MUSLIM BOGEY: The UP ordinance puts inter-faith couples under the scanner.


Saba Naqvi

In a post-truth age, the Sangh Parivar and the BJP are adept at insisting that a particular reality exists to frame laws on it. They see ghosts (mostly Muslim) and then energetically legislate against the ghosts. The latest ghost that’s been resurrected is that of love jihad — a formulation never proven in a court of law that suggests Muslim males seduce/entice/fool Hindu women into marriage with the explicit purpose of converting them.

It’s supposed to be a mass conspiracy and the Yogi Adityanath government in Uttar Pradesh has brought in an ordinance that is designed to put inter-faith couples under the scanner and act as a deterrence against such marriages. Four other BJP-ruled states have declared their intentions also of doing so.

It shows a remarkable singularity of purpose in a year when the GDP has contracted by a quarter, when China is sitting on the border, when Covid-19 has ravaged the citizenry.

The love jihad laws are unlikely to stand legal scrutiny as they go against the freedom of choice and liberty. The UP ordinance, therefore, does not mention the term love jihad per se— although the CM had publicly said he would punish those who do this (love jihad) with a fate akin to death.

The ordinance, therefore, seeks to skirt its explicit purpose and is called the UP Prohibition of Unlawful Religious Conversion and lays down that those wishing to convert for marriage must inform the district magistrate two months in advance. Since conversion through fraud or coercion was already a crime under the IPC, there was really no need for this.

Meanwhile, in Uttar Pradesh, adult inter-faith couples now have to apply for government permission to have a love marriage, often against the wishes of family, community and local thugs. And should a Muslim male be found guilty of coercion and false representation, it’s a non-bailable crime with anything from one year to 10 years in jail as punishment. Any man of any community, down the ages, can fool a woman and vice versa. But this law absolutely discriminates against Muslim men marrying outside the community but not Muslim women who do so.

For, beyond raising the Muslim bogey again, the law is deeply patriarchal. At the heart is the presumption that women are so ‘silly and helpless’ that they will be seduced (by Muslim males, of course) and bring dishonour to the family and community. Hindutva emerges from a society that is deeply patriarchal anyway and sees women not as entities unto themselves but as extensions of male, family and clan honour. And no surprises that this law has first come in a state where the current CM famously gave the go-ahead to citizen vigilantes that called themselves “anti-Romeo” squads and believed they were saving women from males, mostly Muslims.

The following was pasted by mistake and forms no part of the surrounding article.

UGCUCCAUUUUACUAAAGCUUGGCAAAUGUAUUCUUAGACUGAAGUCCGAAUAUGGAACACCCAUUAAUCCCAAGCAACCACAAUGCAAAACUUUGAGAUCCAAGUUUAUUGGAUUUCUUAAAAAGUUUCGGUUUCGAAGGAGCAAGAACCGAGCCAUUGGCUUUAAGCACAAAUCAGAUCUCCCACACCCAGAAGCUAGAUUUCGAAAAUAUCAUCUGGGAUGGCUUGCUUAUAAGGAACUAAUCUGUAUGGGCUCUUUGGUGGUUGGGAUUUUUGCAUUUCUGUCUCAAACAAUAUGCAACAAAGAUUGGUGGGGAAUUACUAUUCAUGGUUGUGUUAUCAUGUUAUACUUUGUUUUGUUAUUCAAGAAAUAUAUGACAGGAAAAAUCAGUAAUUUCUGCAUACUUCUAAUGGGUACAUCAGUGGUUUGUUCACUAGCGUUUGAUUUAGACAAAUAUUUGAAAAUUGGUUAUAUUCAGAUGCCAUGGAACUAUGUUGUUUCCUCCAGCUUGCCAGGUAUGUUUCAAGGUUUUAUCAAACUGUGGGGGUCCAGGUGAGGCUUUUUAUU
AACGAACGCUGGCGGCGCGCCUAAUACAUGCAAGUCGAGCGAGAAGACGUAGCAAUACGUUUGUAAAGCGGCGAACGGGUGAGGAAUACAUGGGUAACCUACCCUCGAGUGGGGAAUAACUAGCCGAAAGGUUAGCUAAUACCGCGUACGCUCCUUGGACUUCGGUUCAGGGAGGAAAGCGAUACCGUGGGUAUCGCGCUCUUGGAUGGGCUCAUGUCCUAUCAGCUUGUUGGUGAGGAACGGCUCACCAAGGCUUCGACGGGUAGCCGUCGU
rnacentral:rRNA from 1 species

No society that claims to be moving towards equality and assimilation should have such laws.

But we are willfully moving in the opposite direction. In the first term of the simple-majority BJP government, from 2014, we saw lynching and hate speech against Indian Muslims (the most frequent cause of violence was the transportation of cattle or the simple ruse that cows were being slaughtered). It was a chaotic spraying of hatred. The second term, starting 2019, has been about organised legal action to make India as close to a Hindu rashtra as possible under the current Constitution.

The revival of the love jihad theme reveals that the country’s largest minority remains the enemy to be legislated against. It’s been law after law, starting last year. First came the Muslim Women (Protection of Rights on Marriage) Act, passed on July 30, 2019, in common parlance known as the law through which the rarely used practice of triple talaq was outlawed and made a non-bailable offence that invited three years’ imprisonment for the Muslim male. In that instance, it was claimed that the BJP regime was protecting Muslim women from Muslim men. Now, it’s apparently protecting Hindu women from Muslim men.

Six days after the triple talaq law was passed, on August 5, 2019, the government revoked Article 370 that gave limited autonomy and special status to the state of Jammu and Kashmir and reduced the state to two union territories. The only Muslim-majority part of India, Kashmir, was cut off from the Union, put into complete lockdown and its political leadership placed under house arrest, media muffled.

Four months later, on December 11, the CAA (Citizenship Amendment Act) was passed. It fast-tracked citizenship for refugees or migrants from neighbouring countries, unless they happened to be Muslims. The anti-CAA protests that followed and the cycle of resistance and crackdown are now part of contemporary history. Many Muslim men and a few women have landed in jail for being part of the protests in Delhi and UP (in between all this legislation had come the Supreme Court verdict on November 9, 2019, that handed over the bitterly contested Ayodhya site to the Hindu plaintiffs).

One would have imagined all these laws and judgments and multiple chargesheets criminalising Muslims would be enough to satiate Hindu pride and show the minority community their place in contemporary India. Not quite. For, as far as the cadres, foot soldiers and strategists of the BJP/Sangh Parivar are concerned, dog-whistling against Muslims could be the gift that keeps on giving.

Post-election data shows that in areas where there is a substantial Muslim presence, the BJP often performs well in elections, particularly if the circumstances are created, virtually or actually, to communalise the atmosphere. There are exceptions, such as the Delhi Assembly elections held in February this year. But raising the Muslim bogey does not seem to repel many Indians any longer.
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